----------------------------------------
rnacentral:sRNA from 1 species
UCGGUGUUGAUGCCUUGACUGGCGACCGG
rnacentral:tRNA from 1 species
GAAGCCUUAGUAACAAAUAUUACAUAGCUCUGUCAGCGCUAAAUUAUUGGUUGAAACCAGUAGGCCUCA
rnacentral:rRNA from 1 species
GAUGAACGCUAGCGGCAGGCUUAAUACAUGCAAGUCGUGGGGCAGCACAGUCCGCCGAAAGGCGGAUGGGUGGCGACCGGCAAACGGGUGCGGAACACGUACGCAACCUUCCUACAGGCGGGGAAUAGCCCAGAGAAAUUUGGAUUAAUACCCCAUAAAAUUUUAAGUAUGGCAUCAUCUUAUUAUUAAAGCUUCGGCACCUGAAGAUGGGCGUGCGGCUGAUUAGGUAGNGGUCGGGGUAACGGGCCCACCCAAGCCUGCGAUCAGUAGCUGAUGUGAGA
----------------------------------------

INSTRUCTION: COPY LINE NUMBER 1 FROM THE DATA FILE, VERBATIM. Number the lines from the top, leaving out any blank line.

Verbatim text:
rnacentral:sRNA from 1 species